Google has updated its Maps interface with a new approach – it no longer displays Earth as a flat surface but a globe, thus displaying our home planet more accurately. The 3D globe thus replaces the flat Mercator projection which made it easy for maps to be printed on a flat paper.
The update currently finds its way to the desktop version of Google Maps and will show you the whole globe once you zoom out of the map multiple times. Google announces the update through Twitter saying “With 3D Globe Mode on Google Maps desktop, Greenland’s projection is no longer the size of Africa.”
This is because, previously with Mercator projection, objects closer to the northern and southern poles looked larger than their actual size to maintain uniformity while the ones near the equator were maintained to scale. This made Greenland look larger than Africa in a flat map when the region is one-fourteenth the size of Africa.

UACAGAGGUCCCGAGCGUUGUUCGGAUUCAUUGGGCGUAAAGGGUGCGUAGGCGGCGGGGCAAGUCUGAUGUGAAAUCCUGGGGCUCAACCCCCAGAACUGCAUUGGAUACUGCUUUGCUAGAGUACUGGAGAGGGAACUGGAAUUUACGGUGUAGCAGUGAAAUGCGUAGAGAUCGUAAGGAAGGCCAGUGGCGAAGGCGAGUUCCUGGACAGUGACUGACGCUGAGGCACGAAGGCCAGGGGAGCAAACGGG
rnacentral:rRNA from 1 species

The 3D Globe mode is currently available on the desktop version of the Google Maps service which will be compatible with all major browsers like Safari, Chrome, Firefox and Edge. It’s unclear whether or when a similar update would be pushed to mobile versions of the service.
The latest Maps update comes a month after Google redesigned its Explore section on Maps. The Mountain View giant also introduced assistive features to its mobile app during its I/O 2018 developers conference earlier this year.